ICPAM 3.1 and compatible Cisco products, including Cisco’s video management and communications solutions, are available now through the worldwide network of Cisco sellers and resellers.

Share with LinkedIn Share with Twitter Share with Facebook Share with Facebook
Download PDF version Download PDF version

In case you missed it

Water Plant Attack Emphasizes Cyber’s Impact On Physical Security
Water Plant Attack Emphasizes Cyber’s Impact On Physical Security

At an Oldsmar, Fla., water treatment facility on Feb. 5, an operator watched a computer screen as someone remotely accessed the system monitoring the water supply and increased the amount of sodium hydroxide from 100 parts per million to 11,100 parts per million. The chemical, also known as lye, is used in small concentrations to control acidity in the water. In larger concentrations, the compound is poisonous – the same corrosive chemical used to eat away at clogged drains. The impact of cybersecurity attacks The incident is the latest example of how cybersecurity attacks can translate into real-world, physical security consequences – even deadly ones.Cybersecurity attacks on small municipal water systems have been a concern among security professionals for years. The computer system was set up to allow remote access only to authorized users. The source of the unauthorized access is unknown. However, the attacker was only in the system for 3 to 5 minutes, and an operator corrected the concentration back to 100 parts per million soon after. It would have taken a day or more for contaminated water to enter the system. In the end, the city’s water supply was not affected. There were other safeguards in place that would have prevented contaminated water from entering the city’s water supply, which serves around 15,000 residents. The remote access used for the attack was disabled pending an investigation by the FBI, Secret Service and Pinellas County Sheriff’s Office. On Feb. 2, a compilation of breached usernames and passwords, known as COMB for “Compilation of Many Breaches,” was leaked online. COMB contains 3.2 billion unique email/password pairs. It was later discovered that the breach included the credentials for the Oldsmar water plant. Water plant attacks feared for years Cybersecurity attacks on small municipal water systems have been a concern among security professionals for years. Florida’s Sen. Marco Rubio tweeted that the attempt to poison the water supply should be treated as a “matter of national security.” “The incident at the Oldsmar water treatment plant is a reminder that our nation’s critical infrastructure is continually at risk; not only from nation-state attackers, but also from malicious actors with unknown motives and goals,” comments Mieng Lim, VP of Product Management at Digital Defense Inc., a provider of vulnerability management and threat assessment solutions.The attack on Oldsmar’s water treatment system shows how critical national infrastructure is increasingly becoming a target for hackers as organizations bring systems online “Our dependency on critical infrastructure – power grids, utilities, water supplies, communications, financial services, emergency services, etc. – on a daily basis emphasizes the need to ensure the systems are defended against any adversary,” Mieng Lim adds. “Proactive security measures are crucial to safeguard critical infrastructure systems when perimeter defenses have been compromised or circumvented. We have to get back to the basics – re-evaluate and rebuild security protections from the ground up.” "This event reinforces the increasing need to authenticate not only users, but the devices and machine identities that are authorized to connect to an organization's network,” adds Chris Hickman, Chief Security Officer at digital identity security vendor Keyfactor. “If your only line of protection is user authentication, it will be compromised. It's not necessarily about who connects to the system, but what that user can access once they're inside. "If the network could have authenticated the validity of the device connecting to the network, the connection would have failed because hackers rarely have possession of authorized devices. This and other cases of hijacked user credentials can be limited or mitigated if devices are issued strong, crypto-derived, unique credentials like a digital certificate. In this case, it looks like the network had trust in the user credential but not in the validity of the device itself. Unfortunately, this kind of scenario is what can happen when zero trust is your end state, not your beginning point." “The attack on Oldsmar’s water treatment system shows how critical national infrastructure is increasingly becoming a target for hackers as organizations bring systems online for the first time as part of digital transformation projects,” says Gareth Williams, Vice President - Secure Communications & Information Systems, Thales UK. “While the move towards greater automation and connected switches and control systems brings unprecedented opportunities, it is not without risk, as anything that is brought online immediately becomes a target to be hacked.” Operational technology to mitigate attacks Williams advises organizations to approach Operational Technology as its own entity and put in place procedures that mitigate against the impact of an attack that could ultimately cost lives. This means understanding what is connected, who has access to it and what else might be at risk should that system be compromised, he says. “Once that is established, they can secure access through protocols like access management and fail-safe systems.”  “The cyberattack against the water supply in Oldsmar should come as a wakeup call,” says Saryu Nayyar, CEO, Gurucul.  “Cybersecurity professionals have been talking about infrastructure vulnerabilities for years, detailing the potential for attacks like this, and this is a near perfect example of what we have been warning about,” she says.  Although this attack was not successful, there is little doubt a skilled attacker could execute a similar infrastructure attack with more destructive results, says Nayyar. Organizations tasked with operating and protecting critical public infrastructure must assume the worst and take more serious measures to protect their environments, she advises. Fortunately, there were backup systems in place in Oldsmar. What could have been a tragedy instead became a cautionary tale. Both physical security and cybersecurity professionals should pay attention.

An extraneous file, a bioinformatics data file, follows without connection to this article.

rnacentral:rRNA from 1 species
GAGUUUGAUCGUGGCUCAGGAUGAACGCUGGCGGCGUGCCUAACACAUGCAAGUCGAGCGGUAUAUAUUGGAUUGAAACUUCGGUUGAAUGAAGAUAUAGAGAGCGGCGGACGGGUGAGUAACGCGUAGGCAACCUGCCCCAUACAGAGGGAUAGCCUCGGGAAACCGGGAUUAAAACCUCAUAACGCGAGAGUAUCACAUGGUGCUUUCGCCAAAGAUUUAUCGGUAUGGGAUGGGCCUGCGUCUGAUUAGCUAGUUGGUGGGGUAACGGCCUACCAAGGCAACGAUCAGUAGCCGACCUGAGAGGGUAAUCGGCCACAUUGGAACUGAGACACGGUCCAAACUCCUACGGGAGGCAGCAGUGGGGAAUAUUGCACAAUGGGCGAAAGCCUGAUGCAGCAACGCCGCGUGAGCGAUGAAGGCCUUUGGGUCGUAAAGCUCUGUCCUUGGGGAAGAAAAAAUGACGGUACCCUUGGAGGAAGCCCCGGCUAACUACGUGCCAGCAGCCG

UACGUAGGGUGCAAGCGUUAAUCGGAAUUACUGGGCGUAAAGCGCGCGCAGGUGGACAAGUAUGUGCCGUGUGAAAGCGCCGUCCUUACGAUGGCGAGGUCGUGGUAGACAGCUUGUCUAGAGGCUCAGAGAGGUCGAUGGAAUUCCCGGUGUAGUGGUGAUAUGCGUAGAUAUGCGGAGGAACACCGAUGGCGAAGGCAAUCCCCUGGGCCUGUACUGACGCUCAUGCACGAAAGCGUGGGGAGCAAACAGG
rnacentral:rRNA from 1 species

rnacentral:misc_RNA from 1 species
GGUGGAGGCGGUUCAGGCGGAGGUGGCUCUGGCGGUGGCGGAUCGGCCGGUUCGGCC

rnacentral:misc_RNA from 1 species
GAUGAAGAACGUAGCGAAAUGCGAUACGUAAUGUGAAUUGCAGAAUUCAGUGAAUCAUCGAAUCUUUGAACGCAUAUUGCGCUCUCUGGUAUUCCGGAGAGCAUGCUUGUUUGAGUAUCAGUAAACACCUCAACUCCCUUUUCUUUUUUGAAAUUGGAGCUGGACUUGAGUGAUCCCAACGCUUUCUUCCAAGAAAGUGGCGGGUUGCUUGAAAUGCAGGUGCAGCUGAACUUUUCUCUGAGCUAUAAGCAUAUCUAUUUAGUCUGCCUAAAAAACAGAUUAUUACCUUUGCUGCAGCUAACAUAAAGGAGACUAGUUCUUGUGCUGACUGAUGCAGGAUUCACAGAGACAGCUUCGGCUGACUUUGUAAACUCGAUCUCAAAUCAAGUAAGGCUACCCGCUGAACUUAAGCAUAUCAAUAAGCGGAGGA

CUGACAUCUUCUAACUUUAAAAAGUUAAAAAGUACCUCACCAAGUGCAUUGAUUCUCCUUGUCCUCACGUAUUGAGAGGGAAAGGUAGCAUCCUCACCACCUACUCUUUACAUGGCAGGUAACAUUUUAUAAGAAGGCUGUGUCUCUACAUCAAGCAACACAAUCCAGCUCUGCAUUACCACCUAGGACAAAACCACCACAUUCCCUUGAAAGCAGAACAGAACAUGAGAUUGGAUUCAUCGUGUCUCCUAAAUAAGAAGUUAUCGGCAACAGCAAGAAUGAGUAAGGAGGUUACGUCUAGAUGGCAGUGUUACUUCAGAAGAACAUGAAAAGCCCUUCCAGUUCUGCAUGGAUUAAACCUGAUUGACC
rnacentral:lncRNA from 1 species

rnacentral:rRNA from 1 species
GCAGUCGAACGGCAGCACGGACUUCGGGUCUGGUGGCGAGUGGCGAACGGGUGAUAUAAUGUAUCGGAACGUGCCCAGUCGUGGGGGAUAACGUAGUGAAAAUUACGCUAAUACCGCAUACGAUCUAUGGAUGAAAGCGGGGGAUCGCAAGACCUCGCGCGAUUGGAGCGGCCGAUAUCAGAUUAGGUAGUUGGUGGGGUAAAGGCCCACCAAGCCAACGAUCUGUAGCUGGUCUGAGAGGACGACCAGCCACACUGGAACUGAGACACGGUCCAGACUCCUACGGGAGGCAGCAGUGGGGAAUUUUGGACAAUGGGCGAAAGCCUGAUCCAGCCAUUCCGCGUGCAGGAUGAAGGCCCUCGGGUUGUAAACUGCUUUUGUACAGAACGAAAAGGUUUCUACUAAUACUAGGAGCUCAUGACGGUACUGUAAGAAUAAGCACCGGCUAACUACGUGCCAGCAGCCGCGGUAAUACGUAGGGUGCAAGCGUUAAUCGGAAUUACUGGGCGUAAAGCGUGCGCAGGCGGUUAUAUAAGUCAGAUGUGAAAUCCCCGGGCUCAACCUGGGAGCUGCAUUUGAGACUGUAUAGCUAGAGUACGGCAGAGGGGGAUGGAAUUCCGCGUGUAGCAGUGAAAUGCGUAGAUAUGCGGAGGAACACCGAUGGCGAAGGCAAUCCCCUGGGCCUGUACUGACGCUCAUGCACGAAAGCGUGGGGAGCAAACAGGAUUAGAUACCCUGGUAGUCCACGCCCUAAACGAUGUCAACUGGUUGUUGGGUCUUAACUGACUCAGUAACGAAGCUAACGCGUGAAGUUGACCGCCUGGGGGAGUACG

What Are The Positive And Negative Effects Of COVID-19 To Security?
What Are The Positive And Negative Effects Of COVID-19 To Security?

The COVID-19 global pandemic had a life-changing impact on all of us in 2020, including a multi-faceted jolt on the physical security industry. With the benefit of hindsight, we can now see more clearly the exact nature and extent of that impact. And it’s not over yet: The pandemic will continue to be top-of-mind in 2021. We asked this week’s Expert Panel Roundtable: What have been the positive and negative effects of Covid-19 on the physical security industry in 2020? What impact will it have on 2021?

Expert Roundup: Healthy Buildings, Blockchain, AI, Skilled Workers, And More
Expert Roundup: Healthy Buildings, Blockchain, AI, Skilled Workers, And More

Our Expert Panel Roundtable is an opinionated group. However, for a variety of reasons, we are sometimes guilty of not publishing their musings in a timely manner. At the end of 2020, we came across several interesting comments among those that were previously unpublished. Following is a catch-all collection of those responses, addressing some of the most current and important issues in the security marketplace in 2021.